III

Marcus next argues the district court abused its discretion in granting the government's motion to strike his Amended Verified Claim.

A

The first issue is whether Marcus sufficiently claimed a possessory interest in the portion of the currency he alleged he held as bailee. The district court concluded Marcus failed to meet the requirements of Supplemental Rule G(5) as it pertains to the amount in which Marcus claims a possessory interest as bailee—$150,353.00.

Under Supplemental Rule G(5), a “claim filed by a person asserting an interest as a bailee must identify the bailor[.]” Fed.R.Civ.P. Supp. R. G(5)(a)(iii). See also 18 U.S.C. § 983(d)(6)(B)(ii). Other courts have noted the failure to identify the bailor precludes statutory standing and justifies a court's striking of the claim. See United States v. $11,500.00 in U.S. Currency, 710 F.3d 1006, 1011 (9th Cir.2013); United States v. $500, 00.00 in U.S. Currency, 591 F.3d 402, 405 (5th Cir.2009); United States v. $26,242.00 in U.S. Currency, 919 F.2d 686, 688 (11th Cir.1990); United States v. $746,198.00 in U.S. Currency, 299 F.Supp.2d 923, 933 (S.D.Iowa 2004).

Here, Marcus provided no information as to the identity of the bailor. His Amended Verified Claim simply stated, in pertinent part, “The remaining $150,353.00 more or less of U.S. Currency was given to [Marcus] by another person with [Marcus] as bailee.” Merely stating “another person” does not sufficiently identify the bailor and, thus, Marcus did not satisfy the requirements of Supplemental Rule G(5)(a)(iii) or 18 U.S.C. § 983(d)(6)(B)(ii).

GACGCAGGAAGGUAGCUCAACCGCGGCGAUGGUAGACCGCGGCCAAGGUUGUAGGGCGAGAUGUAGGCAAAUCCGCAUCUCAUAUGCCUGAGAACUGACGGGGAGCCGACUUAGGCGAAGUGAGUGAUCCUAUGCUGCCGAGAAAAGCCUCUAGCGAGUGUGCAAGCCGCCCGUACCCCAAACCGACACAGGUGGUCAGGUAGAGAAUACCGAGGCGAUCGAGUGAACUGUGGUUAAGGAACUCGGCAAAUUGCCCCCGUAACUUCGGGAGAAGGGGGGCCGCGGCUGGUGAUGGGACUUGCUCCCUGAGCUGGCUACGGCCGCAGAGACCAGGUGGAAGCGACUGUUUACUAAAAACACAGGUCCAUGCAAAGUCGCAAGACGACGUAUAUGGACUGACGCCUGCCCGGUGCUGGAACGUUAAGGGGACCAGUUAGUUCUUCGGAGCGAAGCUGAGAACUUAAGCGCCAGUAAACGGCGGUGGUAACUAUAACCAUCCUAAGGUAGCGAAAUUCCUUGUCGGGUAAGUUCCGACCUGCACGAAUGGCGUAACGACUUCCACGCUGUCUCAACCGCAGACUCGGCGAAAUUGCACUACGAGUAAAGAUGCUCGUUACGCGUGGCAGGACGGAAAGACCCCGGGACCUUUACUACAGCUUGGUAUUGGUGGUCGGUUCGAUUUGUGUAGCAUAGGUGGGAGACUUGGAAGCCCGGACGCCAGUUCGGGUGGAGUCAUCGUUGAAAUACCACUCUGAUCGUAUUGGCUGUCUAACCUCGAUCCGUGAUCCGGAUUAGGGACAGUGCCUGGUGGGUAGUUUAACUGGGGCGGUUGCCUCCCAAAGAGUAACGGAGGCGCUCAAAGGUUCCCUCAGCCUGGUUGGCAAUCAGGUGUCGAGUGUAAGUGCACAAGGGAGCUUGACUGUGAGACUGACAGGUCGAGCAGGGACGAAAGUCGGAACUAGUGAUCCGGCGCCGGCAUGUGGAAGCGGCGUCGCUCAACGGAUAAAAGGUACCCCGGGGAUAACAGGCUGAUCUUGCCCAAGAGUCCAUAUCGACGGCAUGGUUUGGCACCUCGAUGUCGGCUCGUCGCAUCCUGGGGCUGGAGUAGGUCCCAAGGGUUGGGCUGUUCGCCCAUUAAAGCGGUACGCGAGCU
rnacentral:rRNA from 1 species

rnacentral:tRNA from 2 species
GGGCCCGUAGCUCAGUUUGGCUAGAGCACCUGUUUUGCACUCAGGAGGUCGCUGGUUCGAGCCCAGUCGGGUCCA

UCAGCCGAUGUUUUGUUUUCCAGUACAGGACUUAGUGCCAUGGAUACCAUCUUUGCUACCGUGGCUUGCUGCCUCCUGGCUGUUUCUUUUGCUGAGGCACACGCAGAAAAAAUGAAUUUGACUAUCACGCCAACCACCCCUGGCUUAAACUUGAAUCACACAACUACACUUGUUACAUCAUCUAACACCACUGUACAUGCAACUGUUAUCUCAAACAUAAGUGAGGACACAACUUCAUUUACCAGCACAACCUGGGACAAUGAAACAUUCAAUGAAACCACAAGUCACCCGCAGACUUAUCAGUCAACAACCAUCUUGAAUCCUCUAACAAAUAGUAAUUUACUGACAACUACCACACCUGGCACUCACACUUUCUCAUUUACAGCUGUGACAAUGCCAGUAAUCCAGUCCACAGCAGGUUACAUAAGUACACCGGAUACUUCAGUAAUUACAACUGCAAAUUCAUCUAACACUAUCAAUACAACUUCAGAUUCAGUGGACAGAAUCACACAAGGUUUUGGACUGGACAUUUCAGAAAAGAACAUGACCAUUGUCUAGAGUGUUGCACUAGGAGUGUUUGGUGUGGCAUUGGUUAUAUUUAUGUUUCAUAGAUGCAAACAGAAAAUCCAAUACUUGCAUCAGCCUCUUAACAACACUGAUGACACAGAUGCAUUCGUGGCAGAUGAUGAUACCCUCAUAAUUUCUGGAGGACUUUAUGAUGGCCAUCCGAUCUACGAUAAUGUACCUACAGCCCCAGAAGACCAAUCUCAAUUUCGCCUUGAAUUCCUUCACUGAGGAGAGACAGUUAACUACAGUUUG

Therefore, the district court did not abuse its discretion in concluding Marcus failed to meet the requirements of Supplemental Rule G(5) as it pertains to the $150,353.00 in which Marcus claims a possessory interest as bailee.

B

The next issue is whether Marcus sufficiently claimed an ownership interest in the remaining $4,500 Marcus claimed he earned through his employment. The district court struck Marcus's Amended Verified Claim as to this amount, concluding Marcus failed to satisfy the requirements of Supplemental Rule G(6).

Supplemental Rule G(6) provides that “[t]he government may serve special interrogatories limited to the claimant's identity and relationship to the defendant property without the court's leave at any time after the claim is filed and before discovery is closed.” Fed.R.Civ.P. Supp. R. G(6)(a). “The purpose of the rule is ‘to permit the government to file limited interrogatories at any time after the claim is filed to gather information that bears on the claimant's standing.’ “ United States v. $133,420.00 in U.S. Currency, 672 F.3d 629, 635 (9th Cir.2012) (quoting Supplemental Rule G advisory committee's note (subdivision (6))).

On September 21, 2012, the government served ten special interrogatories on Marcus pursuant to Supplemental Rule G(6). The interrogatories sought information regarding Marcus's relationship to the seized currency. Marcus submitted responses on November 30, 2012. However, he provided a limited response to each of the interrogatories:

I object to answering this interrogatory for the reason that any answer I would provide would be evidence derived from prior violations of the Fourth and Fifth Amendment to the United States Constitutions and that I claim the Fourth Amendment and Fifth Amendment exclusionary rules as a privilege against answering at this time.